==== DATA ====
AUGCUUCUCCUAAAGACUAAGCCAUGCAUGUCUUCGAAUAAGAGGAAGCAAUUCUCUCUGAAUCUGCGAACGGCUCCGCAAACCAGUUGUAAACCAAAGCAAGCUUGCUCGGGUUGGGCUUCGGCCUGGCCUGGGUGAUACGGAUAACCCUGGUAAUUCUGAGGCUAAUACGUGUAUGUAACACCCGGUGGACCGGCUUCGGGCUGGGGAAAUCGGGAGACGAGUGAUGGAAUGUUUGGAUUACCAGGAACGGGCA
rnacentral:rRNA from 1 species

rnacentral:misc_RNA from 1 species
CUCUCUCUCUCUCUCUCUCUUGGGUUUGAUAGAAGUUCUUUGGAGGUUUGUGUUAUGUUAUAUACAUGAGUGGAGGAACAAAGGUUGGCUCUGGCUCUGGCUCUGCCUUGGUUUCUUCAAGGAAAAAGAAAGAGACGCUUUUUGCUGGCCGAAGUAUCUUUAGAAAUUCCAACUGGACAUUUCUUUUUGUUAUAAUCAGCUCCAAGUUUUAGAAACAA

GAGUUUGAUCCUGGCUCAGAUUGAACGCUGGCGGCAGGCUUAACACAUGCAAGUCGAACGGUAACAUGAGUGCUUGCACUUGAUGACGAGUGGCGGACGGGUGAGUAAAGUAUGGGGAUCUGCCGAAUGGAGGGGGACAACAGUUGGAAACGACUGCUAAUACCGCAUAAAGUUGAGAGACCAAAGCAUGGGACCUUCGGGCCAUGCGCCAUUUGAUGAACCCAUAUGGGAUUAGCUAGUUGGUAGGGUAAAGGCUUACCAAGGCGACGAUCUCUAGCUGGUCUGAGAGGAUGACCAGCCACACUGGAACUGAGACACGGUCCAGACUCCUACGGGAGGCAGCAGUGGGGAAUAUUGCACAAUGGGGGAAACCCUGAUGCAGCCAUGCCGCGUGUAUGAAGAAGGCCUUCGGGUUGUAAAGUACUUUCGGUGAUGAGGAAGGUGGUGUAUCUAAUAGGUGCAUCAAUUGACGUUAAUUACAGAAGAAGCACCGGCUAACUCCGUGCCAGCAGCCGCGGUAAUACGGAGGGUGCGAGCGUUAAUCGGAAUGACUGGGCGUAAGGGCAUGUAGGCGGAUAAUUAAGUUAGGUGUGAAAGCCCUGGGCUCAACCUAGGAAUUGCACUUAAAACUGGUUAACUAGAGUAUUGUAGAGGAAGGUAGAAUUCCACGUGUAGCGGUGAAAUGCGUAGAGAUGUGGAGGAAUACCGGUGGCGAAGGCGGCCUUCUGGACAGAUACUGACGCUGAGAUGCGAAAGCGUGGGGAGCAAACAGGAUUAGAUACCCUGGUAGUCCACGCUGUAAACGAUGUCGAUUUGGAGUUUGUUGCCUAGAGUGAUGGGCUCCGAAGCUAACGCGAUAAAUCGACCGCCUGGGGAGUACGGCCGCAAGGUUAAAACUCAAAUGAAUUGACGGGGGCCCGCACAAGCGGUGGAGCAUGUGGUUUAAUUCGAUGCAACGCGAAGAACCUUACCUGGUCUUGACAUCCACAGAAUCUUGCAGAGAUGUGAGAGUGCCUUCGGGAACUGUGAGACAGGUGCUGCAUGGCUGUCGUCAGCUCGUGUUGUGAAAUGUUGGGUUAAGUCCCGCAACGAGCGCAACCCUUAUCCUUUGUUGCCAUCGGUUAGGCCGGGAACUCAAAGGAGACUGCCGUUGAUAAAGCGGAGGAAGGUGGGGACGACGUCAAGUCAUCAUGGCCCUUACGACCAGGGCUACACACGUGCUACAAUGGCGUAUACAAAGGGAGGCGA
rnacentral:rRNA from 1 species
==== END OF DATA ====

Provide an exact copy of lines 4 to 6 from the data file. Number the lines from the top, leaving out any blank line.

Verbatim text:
CUCUCUCUCUCUCUCUCUCUUGGGUUUGAUAGAAGUUCUUUGGAGGUUUGUGUUAUGUUAUAUACAUGAGUGGAGGAACAAAGGUUGGCUCUGGCUCUGGCUCUGCCUUGGUUUCUUCAAGGAAAAAGAAAGAGACGCUUUUUGCUGGCCGAAGUAUCUUUAGAAAUUCCAACUGGACAUUUCUUUUUGUUAUAAUCAGCUCCAAGUUUUAGAAACAA

GAGUUUGAUCCUGGCUCAGAUUGAACGCUGGCGGCAGGCUUAACACAUGCAAGUCGAACGGUAACAUGAGUGCUUGCACUUGAUGACGAGUGGCGGACGGGUGAGUAAAGUAUGGGGAUCUGCCGAAUGGAGGGGGACAACAGUUGGAAACGACUGCUAAUACCGCAUAAAGUUGAGAGACCAAAGCAUGGGACCUUCGGGCCAUGCGCCAUUUGAUGAACCCAUAUGGGAUUAGCUAGUUGGUAGGGUAAAGGCUUACCAAGGCGACGAUCUCUAGCUGGUCUGAGAGGAUGACCAGCCACACUGGAACUGAGACACGGUCCAGACUCCUACGGGAGGCAGCAGUGGGGAAUAUUGCACAAUGGGGGAAACCCUGAUGCAGCCAUGCCGCGUGUAUGAAGAAGGCCUUCGGGUUGUAAAGUACUUUCGGUGAUGAGGAAGGUGGUGUAUCUAAUAGGUGCAUCAAUUGACGUUAAUUACAGAAGAAGCACCGGCUAACUCCGUGCCAGCAGCCGCGGUAAUACGGAGGGUGCGAGCGUUAAUCGGAAUGACUGGGCGUAAGGGCAUGUAGGCGGAUAAUUAAGUUAGGUGUGAAAGCCCUGGGCUCAACCUAGGAAUUGCACUUAAAACUGGUUAACUAGAGUAUUGUAGAGGAAGGUAGAAUUCCACGUGUAGCGGUGAAAUGCGUAGAGAUGUGGAGGAAUACCGGUGGCGAAGGCGGCCUUCUGGACAGAUACUGACGCUGAGAUGCGAAAGCGUGGGGAGCAAACAGGAUUAGAUACCCUGGUAGUCCACGCUGUAAACGAUGUCGAUUUGGAGUUUGUUGCCUAGAGUGAUGGGCUCCGAAGCUAACGCGAUAAAUCGACCGCCUGGGGAGUACGGCCGCAAGGUUAAAACUCAAAUGAAUUGACGGGGGCCCGCACAAGCGGUGGAGCAUGUGGUUUAAUUCGAUGCAACGCGAAGAACCUUACCUGGUCUUGACAUCCACAGAAUCUUGCAGAGAUGUGAGAGUGCCUUCGGGAACUGUGAGACAGGUGCUGCAUGGCUGUCGUCAGCUCGUGUUGUGAAAUGUUGGGUUAAGUCCCGCAACGAGCGCAACCCUUAUCCUUUGUUGCCAUCGGUUAGGCCGGGAACUCAAAGGAGACUGCCGUUGAUAAAGCGGAGGAAGGUGGGGACGACGUCAAGUCAUCAUGGCCCUUACGACCAGGGCUACACACGUGCUACAAUGGCGUAUACAAAGGGAGGCGA
rnacentral:rRNA from 1 species